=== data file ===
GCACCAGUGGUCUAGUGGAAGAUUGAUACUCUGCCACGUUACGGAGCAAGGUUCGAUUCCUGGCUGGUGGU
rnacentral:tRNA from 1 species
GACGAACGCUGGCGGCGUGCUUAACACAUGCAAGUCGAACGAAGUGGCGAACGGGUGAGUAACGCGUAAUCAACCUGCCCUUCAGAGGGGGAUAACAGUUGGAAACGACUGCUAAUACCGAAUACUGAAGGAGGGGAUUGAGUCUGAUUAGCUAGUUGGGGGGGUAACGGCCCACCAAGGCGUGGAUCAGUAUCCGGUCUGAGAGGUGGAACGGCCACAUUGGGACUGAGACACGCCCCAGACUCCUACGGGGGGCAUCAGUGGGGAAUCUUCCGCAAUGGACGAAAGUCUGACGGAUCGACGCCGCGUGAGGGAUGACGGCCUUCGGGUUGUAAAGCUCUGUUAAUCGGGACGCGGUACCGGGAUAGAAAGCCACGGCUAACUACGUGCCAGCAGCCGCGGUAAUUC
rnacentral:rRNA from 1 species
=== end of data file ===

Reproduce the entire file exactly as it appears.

GCACCAGUGGUCUAGUGGAAGAUUGAUACUCUGCCACGUUACGGAGCAAGGUUCGAUUCCUGGCUGGUGGU
rnacentral:tRNA from 1 species
GACGAACGCUGGCGGCGUGCUUAACACAUGCAAGUCGAACGAAGUGGCGAACGGGUGAGUAACGCGUAAUCAACCUGCCCUUCAGAGGGGGAUAACAGUUGGAAACGACUGCUAAUACCGAAUACUGAAGGAGGGGAUUGAGUCUGAUUAGCUAGUUGGGGGGGUAACGGCCCACCAAGGCGUGGAUCAGUAUCCGGUCUGAGAGGUGGAACGGCCACAUUGGGACUGAGACACGCCCCAGACUCCUACGGGGGGCAUCAGUGGGGAAUCUUCCGCAAUGGACGAAAGUCUGACGGAUCGACGCCGCGUGAGGGAUGACGGCCUUCGGGUUGUAAAGCUCUGUUAAUCGGGACGCGGUACCGGGAUAGAAAGCCACGGCUAACUACGUGCCAGCAGCCGCGGUAAUUC
rnacentral:rRNA from 1 species